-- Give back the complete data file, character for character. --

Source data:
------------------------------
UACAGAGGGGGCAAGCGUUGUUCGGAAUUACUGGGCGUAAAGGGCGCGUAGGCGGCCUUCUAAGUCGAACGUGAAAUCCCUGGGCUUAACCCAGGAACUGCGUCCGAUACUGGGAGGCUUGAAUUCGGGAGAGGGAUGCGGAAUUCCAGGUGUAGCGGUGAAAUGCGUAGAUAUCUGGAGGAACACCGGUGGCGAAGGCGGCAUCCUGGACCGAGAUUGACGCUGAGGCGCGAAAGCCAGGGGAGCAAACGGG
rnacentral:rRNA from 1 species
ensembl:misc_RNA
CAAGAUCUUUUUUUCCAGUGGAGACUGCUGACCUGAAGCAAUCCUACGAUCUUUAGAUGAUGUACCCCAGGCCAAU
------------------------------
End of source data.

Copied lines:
UACAGAGGGGGCAAGCGUUGUUCGGAAUUACUGGGCGUAAAGGGCGCGUAGGCGGCCUUCUAAGUCGAACGUGAAAUCCCUGGGCUUAACCCAGGAACUGCGUCCGAUACUGGGAGGCUUGAAUUCGGGAGAGGGAUGCGGAAUUCCAGGUGUAGCGGUGAAAUGCGUAGAUAUCUGGAGGAACACCGGUGGCGAAGGCGGCAUCCUGGACCGAGAUUGACGCUGAGGCGCGAAAGCCAGGGGAGCAAACGGG
rnacentral:rRNA from 1 species
ensembl:misc_RNA
CAAGAUCUUUUUUUCCAGUGGAGACUGCUGACCUGAAGCAAUCCUACGAUCUUUAGAUGAUGUACCCCAGGCCAAU